e) Coconut oil
Because of its oily properties, it is definitely not for oily skin. It is highly absorbent through skin which makes it helpful in replenishing moisture loss for dehydrated skin, hence it helps increase elasticity of age old skin. Acne prone and dermatitis suferrers should try this too.

Here are some recipes or combination of ingredients which you can benefit from:

1) Yoghurt
Types of skin: Dry and sensitive

2) Yoghurt and cucumber
Types of skin: Dry and sensitive
Method: Blend equal parts of yoghurt and peeled cucumber in a food processor until near liquid

3) Yoghurt and coconut oil
Type of skin: Dry
Method: Mix 3 parts of yoghurt to 1 part coconut oil

4) Yoghurt and turmeric powder
Types of skin: Any
Method: Mix 3 parts of yoghurt to 1 part turmeric powder
Be careful not to get it into your eyes or on your clothes

5) Yoghurt and honey
Type of skin: Dry
Method: Mix equal parts in a bowl

6) Honey
Type of skin: Dry

7) Honey, yoghurt and turmeric powder
Types of skin: Any
Method: Mix equal parts of honey and yoghurt and half part of turmeric powder
Be careful not to get it into your eyes or on your clothes

8 ) Turmeric powder
Types of skin: Any
Method: Mix turmeric powder with water until it forms a paste
Be careful not to get it into your eyes or on your clothes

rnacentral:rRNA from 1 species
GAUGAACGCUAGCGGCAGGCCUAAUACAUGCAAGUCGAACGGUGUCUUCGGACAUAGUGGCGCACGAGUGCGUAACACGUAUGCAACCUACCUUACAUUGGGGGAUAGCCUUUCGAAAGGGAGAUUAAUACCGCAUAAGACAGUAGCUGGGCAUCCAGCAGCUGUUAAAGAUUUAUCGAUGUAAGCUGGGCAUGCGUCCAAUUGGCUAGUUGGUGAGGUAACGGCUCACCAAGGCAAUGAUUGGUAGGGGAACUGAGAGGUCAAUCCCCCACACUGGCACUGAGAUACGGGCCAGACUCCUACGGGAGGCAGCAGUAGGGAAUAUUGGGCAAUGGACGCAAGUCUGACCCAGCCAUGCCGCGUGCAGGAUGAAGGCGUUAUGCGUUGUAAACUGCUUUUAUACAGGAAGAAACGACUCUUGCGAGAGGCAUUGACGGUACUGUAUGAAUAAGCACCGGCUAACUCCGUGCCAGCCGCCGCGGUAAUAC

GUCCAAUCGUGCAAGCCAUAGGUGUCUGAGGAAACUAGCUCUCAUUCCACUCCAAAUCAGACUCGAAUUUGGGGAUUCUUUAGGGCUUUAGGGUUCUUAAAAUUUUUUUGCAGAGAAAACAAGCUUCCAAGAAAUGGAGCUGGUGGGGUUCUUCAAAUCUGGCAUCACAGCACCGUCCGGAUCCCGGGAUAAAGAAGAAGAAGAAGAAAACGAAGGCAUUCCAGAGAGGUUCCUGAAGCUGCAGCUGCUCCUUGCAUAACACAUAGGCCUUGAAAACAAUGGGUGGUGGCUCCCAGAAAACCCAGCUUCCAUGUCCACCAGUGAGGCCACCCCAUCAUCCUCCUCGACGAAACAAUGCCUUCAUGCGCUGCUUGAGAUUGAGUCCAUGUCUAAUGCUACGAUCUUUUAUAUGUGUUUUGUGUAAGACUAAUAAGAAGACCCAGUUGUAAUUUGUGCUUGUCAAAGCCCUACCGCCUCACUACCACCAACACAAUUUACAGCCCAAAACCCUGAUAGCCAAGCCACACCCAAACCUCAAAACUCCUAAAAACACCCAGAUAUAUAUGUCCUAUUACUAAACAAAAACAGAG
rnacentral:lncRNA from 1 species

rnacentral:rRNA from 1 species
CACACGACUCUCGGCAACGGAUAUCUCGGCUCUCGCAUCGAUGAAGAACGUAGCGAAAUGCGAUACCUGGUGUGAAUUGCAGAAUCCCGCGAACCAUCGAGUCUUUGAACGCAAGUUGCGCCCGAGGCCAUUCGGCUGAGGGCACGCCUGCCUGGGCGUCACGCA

9) Cucumber
Types of skin: Any
Method: Peel cucumber and blend it in a food processor

With all the above recipes, you can choose whichever suits you, then take 20 minutes twice a week, turn on some music and just relax while all the goodness of your homemade face masks feeds your skin.

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JUNE 27, 2013

Your Sadhana Should Strictly Be A Private Matter

Posted by Dorothy under Community Interests, Interesting Reads, Philosophy, Wellnessno responses

Yoga practitioners have always been taught to leave their ego aside not only in the yoga class, but also in all aspects of their lives. But sadly this is not the case with the big revolution of modern yoga. Some practitioners encourage competitiveness in their practice and stroke their ego by boasting about their achievements. These ego filled practitioners tend to forget that yoga is a personal relationship between the practitioner and the practice itself. At the end of their daily practice, one should be grateful with whatever happens, whether there is progress or not, as the focus needs to be in the now. There is no need to beat yourself up if you do not achieve what others in class or people you admire have achieved. On the other hand, you should not get too proud and announce it to others or feel egoistic if you have progressed, but be thankful and  have gratitude. In The Hatha Yoga Pradipika, Verse 11 states that: